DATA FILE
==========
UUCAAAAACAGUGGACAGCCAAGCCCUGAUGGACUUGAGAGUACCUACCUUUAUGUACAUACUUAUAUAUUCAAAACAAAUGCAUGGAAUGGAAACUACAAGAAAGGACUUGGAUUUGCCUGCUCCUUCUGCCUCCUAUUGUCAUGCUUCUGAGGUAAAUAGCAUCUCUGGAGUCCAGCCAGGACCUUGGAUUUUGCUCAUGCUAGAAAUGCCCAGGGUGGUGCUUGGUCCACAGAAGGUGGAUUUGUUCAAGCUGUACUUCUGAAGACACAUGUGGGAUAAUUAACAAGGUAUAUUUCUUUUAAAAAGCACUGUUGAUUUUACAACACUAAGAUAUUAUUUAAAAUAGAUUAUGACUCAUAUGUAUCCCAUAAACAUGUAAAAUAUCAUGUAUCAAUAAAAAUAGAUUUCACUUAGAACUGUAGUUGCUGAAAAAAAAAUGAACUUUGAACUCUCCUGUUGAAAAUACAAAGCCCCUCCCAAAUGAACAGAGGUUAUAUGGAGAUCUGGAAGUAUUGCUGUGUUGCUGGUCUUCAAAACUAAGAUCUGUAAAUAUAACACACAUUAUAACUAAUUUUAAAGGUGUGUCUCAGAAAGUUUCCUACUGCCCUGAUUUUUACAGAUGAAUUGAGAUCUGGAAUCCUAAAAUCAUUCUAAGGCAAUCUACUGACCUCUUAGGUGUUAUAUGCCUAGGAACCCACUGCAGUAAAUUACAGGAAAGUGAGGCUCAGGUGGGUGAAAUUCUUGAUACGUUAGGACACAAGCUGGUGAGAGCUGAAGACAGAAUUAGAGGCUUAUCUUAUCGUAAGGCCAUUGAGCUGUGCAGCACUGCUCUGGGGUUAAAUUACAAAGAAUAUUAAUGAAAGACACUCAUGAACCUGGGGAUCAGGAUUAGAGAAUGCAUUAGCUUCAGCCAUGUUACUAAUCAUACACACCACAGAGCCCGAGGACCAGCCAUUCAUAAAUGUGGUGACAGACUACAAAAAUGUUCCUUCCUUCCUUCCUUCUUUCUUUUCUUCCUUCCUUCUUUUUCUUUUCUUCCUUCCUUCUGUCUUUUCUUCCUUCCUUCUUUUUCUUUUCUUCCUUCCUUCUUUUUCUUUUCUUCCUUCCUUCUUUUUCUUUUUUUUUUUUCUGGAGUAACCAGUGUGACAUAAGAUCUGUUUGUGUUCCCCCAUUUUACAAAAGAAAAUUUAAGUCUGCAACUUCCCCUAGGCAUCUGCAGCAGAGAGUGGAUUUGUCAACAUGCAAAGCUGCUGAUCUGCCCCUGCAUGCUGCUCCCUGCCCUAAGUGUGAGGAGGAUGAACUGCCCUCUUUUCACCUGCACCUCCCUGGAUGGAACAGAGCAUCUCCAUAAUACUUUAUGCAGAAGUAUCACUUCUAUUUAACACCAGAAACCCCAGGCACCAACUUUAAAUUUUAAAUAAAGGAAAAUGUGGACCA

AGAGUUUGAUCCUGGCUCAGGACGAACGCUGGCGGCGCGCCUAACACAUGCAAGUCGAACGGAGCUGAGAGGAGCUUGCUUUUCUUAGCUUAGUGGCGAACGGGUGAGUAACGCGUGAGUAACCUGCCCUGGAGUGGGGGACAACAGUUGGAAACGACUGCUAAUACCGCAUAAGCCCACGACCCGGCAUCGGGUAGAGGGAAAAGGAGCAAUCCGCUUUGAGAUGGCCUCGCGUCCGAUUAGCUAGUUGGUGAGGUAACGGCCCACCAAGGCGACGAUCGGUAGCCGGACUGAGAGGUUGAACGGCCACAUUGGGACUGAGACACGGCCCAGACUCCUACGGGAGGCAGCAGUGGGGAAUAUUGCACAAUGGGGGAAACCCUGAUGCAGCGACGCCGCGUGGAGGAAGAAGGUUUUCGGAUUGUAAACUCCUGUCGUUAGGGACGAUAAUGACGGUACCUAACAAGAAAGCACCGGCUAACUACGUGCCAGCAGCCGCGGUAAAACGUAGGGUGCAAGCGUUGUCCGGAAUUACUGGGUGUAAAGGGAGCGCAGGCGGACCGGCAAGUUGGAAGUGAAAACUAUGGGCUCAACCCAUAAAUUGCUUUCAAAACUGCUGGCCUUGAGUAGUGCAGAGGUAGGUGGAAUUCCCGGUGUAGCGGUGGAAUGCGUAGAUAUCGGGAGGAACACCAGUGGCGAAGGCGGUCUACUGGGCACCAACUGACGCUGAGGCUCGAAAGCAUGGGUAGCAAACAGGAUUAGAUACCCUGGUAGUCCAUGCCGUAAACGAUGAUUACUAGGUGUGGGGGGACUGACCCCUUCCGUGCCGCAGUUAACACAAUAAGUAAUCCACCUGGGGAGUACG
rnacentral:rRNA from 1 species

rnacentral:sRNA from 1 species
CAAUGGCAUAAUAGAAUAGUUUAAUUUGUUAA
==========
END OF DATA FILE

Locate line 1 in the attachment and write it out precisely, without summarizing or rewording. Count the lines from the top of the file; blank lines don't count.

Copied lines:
UUCAAAAACAGUGGACAGCCAAGCCCUGAUGGACUUGAGAGUACCUACCUUUAUGUACAUACUUAUAUAUUCAAAACAAAUGCAUGGAAUGGAAACUACAAGAAAGGACUUGGAUUUGCCUGCUCCUUCUGCCUCCUAUUGUCAUGCUUCUGAGGUAAAUAGCAUCUCUGGAGUCCAGCCAGGACCUUGGAUUUUGCUCAUGCUAGAAAUGCCCAGGGUGGUGCUUGGUCCACAGAAGGUGGAUUUGUUCAAGCUGUACUUCUGAAGACACAUGUGGGAUAAUUAACAAGGUAUAUUUCUUUUAAAAAGCACUGUUGAUUUUACAACACUAAGAUAUUAUUUAAAAUAGAUUAUGACUCAUAUGUAUCCCAUAAACAUGUAAAAUAUCAUGUAUCAAUAAAAAUAGAUUUCACUUAGAACUGUAGUUGCUGAAAAAAAAAUGAACUUUGAACUCUCCUGUUGAAAAUACAAAGCCCCUCCCAAAUGAACAGAGGUUAUAUGGAGAUCUGGAAGUAUUGCUGUGUUGCUGGUCUUCAAAACUAAGAUCUGUAAAUAUAACACACAUUAUAACUAAUUUUAAAGGUGUGUCUCAGAAAGUUUCCUACUGCCCUGAUUUUUACAGAUGAAUUGAGAUCUGGAAUCCUAAAAUCAUUCUAAGGCAAUCUACUGACCUCUUAGGUGUUAUAUGCCUAGGAACCCACUGCAGUAAAUUACAGGAAAGUGAGGCUCAGGUGGGUGAAAUUCUUGAUACGUUAGGACACAAGCUGGUGAGAGCUGAAGACAGAAUUAGAGGCUUAUCUUAUCGUAAGGCCAUUGAGCUGUGCAGCACUGCUCUGGGGUUAAAUUACAAAGAAUAUUAAUGAAAGACACUCAUGAACCUGGGGAUCAGGAUUAGAGAAUGCAUUAGCUUCAGCCAUGUUACUAAUCAUACACACCACAGAGCCCGAGGACCAGCCAUUCAUAAAUGUGGUGACAGACUACAAAAAUGUUCCUUCCUUCCUUCCUUCUUUCUUUUCUUCCUUCCUUCUUUUUCUUUUCUUCCUUCCUUCUGUCUUUUCUUCCUUCCUUCUUUUUCUUUUCUUCCUUCCUUCUUUUUCUUUUCUUCCUUCCUUCUUUUUCUUUUUUUUUUUUCUGGAGUAACCAGUGUGACAUAAGAUCUGUUUGUGUUCCCCCAUUUUACAAAAGAAAAUUUAAGUCUGCAACUUCCCCUAGGCAUCUGCAGCAGAGAGUGGAUUUGUCAACAUGCAAAGCUGCUGAUCUGCCCCUGCAUGCUGCUCCCUGCCCUAAGUGUGAGGAGGAUGAACUGCCCUCUUUUCACCUGCACCUCCCUGGAUGGAACAGAGCAUCUCCAUAAUACUUUAUGCAGAAGUAUCACUUCUAUUUAACACCAGAAACCCCAGGCACCAACUUUAAAUUUUAAAUAAAGGAAAAUGUGGACCA